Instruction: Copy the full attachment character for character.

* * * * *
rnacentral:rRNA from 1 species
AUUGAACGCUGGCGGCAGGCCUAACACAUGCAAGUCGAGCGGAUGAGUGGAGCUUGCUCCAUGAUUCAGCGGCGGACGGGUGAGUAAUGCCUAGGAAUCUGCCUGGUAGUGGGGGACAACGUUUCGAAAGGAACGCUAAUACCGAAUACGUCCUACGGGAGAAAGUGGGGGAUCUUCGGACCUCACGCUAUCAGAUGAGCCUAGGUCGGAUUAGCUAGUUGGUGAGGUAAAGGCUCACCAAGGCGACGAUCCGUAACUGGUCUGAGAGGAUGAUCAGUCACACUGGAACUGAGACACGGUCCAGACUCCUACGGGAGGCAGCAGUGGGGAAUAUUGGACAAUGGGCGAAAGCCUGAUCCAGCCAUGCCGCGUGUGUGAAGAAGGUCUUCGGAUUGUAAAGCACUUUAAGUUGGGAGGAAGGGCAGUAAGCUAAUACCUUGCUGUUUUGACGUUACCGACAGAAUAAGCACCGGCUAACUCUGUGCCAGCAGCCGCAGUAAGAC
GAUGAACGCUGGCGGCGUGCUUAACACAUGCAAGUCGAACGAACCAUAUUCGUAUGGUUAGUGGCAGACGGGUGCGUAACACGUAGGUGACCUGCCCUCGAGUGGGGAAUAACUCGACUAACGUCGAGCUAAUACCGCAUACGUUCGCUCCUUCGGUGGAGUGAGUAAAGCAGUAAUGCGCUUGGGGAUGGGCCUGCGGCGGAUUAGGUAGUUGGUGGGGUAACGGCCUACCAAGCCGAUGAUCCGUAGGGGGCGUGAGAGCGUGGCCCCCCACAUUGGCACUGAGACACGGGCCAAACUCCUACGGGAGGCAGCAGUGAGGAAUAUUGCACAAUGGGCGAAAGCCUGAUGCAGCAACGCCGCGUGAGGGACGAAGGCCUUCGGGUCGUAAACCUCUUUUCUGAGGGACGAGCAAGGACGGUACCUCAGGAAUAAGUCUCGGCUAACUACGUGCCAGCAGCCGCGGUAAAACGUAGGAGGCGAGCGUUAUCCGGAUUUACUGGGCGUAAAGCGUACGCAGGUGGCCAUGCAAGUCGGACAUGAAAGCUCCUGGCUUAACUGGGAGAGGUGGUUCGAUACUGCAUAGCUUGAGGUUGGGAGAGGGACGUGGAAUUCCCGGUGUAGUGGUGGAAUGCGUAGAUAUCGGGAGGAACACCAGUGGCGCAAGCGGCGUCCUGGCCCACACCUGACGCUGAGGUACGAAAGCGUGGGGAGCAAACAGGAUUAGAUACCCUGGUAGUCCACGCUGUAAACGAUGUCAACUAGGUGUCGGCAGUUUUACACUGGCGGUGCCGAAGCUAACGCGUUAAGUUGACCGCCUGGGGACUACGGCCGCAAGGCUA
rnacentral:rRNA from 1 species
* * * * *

rnacentral:rRNA from 1 species
AUUGAACGCUGGCGGCAGGCCUAACACAUGCAAGUCGAGCGGAUGAGUGGAGCUUGCUCCAUGAUUCAGCGGCGGACGGGUGAGUAAUGCCUAGGAAUCUGCCUGGUAGUGGGGGACAACGUUUCGAAAGGAACGCUAAUACCGAAUACGUCCUACGGGAGAAAGUGGGGGAUCUUCGGACCUCACGCUAUCAGAUGAGCCUAGGUCGGAUUAGCUAGUUGGUGAGGUAAAGGCUCACCAAGGCGACGAUCCGUAACUGGUCUGAGAGGAUGAUCAGUCACACUGGAACUGAGACACGGUCCAGACUCCUACGGGAGGCAGCAGUGGGGAAUAUUGGACAAUGGGCGAAAGCCUGAUCCAGCCAUGCCGCGUGUGUGAAGAAGGUCUUCGGAUUGUAAAGCACUUUAAGUUGGGAGGAAGGGCAGUAAGCUAAUACCUUGCUGUUUUGACGUUACCGACAGAAUAAGCACCGGCUAACUCUGUGCCAGCAGCCGCAGUAAGAC
GAUGAACGCUGGCGGCGUGCUUAACACAUGCAAGUCGAACGAACCAUAUUCGUAUGGUUAGUGGCAGACGGGUGCGUAACACGUAGGUGACCUGCCCUCGAGUGGGGAAUAACUCGACUAACGUCGAGCUAAUACCGCAUACGUUCGCUCCUUCGGUGGAGUGAGUAAAGCAGUAAUGCGCUUGGGGAUGGGCCUGCGGCGGAUUAGGUAGUUGGUGGGGUAACGGCCUACCAAGCCGAUGAUCCGUAGGGGGCGUGAGAGCGUGGCCCCCCACAUUGGCACUGAGACACGGGCCAAACUCCUACGGGAGGCAGCAGUGAGGAAUAUUGCACAAUGGGCGAAAGCCUGAUGCAGCAACGCCGCGUGAGGGACGAAGGCCUUCGGGUCGUAAACCUCUUUUCUGAGGGACGAGCAAGGACGGUACCUCAGGAAUAAGUCUCGGCUAACUACGUGCCAGCAGCCGCGGUAAAACGUAGGAGGCGAGCGUUAUCCGGAUUUACUGGGCGUAAAGCGUACGCAGGUGGCCAUGCAAGUCGGACAUGAAAGCUCCUGGCUUAACUGGGAGAGGUGGUUCGAUACUGCAUAGCUUGAGGUUGGGAGAGGGACGUGGAAUUCCCGGUGUAGUGGUGGAAUGCGUAGAUAUCGGGAGGAACACCAGUGGCGCAAGCGGCGUCCUGGCCCACACCUGACGCUGAGGUACGAAAGCGUGGGGAGCAAACAGGAUUAGAUACCCUGGUAGUCCACGCUGUAAACGAUGUCAACUAGGUGUCGGCAGUUUUACACUGGCGGUGCCGAAGCUAACGCGUUAAGUUGACCGCCUGGGGACUACGGCCGCAAGGCUA
rnacentral:rRNA from 1 species